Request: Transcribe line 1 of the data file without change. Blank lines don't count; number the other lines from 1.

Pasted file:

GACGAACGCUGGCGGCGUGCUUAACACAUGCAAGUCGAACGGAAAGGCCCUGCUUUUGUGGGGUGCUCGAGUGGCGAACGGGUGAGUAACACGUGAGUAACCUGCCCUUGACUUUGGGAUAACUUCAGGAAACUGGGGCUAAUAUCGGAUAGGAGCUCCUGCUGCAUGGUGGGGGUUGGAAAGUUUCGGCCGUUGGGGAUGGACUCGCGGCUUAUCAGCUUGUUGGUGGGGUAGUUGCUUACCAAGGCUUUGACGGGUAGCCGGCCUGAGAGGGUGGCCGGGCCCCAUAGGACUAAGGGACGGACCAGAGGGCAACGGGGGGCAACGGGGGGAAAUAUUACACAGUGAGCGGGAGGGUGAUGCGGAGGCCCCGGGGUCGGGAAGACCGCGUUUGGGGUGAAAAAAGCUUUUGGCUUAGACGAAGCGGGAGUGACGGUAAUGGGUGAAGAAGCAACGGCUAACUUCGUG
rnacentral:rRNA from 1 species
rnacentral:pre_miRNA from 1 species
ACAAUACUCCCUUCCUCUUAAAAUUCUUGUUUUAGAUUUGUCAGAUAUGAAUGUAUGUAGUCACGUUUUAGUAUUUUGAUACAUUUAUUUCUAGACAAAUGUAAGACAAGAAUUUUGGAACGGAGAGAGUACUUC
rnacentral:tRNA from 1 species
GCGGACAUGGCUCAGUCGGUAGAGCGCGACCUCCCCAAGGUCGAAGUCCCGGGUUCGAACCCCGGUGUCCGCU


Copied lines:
GACGAACGCUGGCGGCGUGCUUAACACAUGCAAGUCGAACGGAAAGGCCCUGCUUUUGUGGGGUGCUCGAGUGGCGAACGGGUGAGUAACACGUGAGUAACCUGCCCUUGACUUUGGGAUAACUUCAGGAAACUGGGGCUAAUAUCGGAUAGGAGCUCCUGCUGCAUGGUGGGGGUUGGAAAGUUUCGGCCGUUGGGGAUGGACUCGCGGCUUAUCAGCUUGUUGGUGGGGUAGUUGCUUACCAAGGCUUUGACGGGUAGCCGGCCUGAGAGGGUGGCCGGGCCCCAUAGGACUAAGGGACGGACCAGAGGGCAACGGGGGGCAACGGGGGGAAAUAUUACACAGUGAGCGGGAGGGUGAUGCGGAGGCCCCGGGGUCGGGAAGACCGCGUUUGGGGUGAAAAAAGCUUUUGGCUUAGACGAAGCGGGAGUGACGGUAAUGGGUGAAGAAGCAACGGCUAACUUCGUG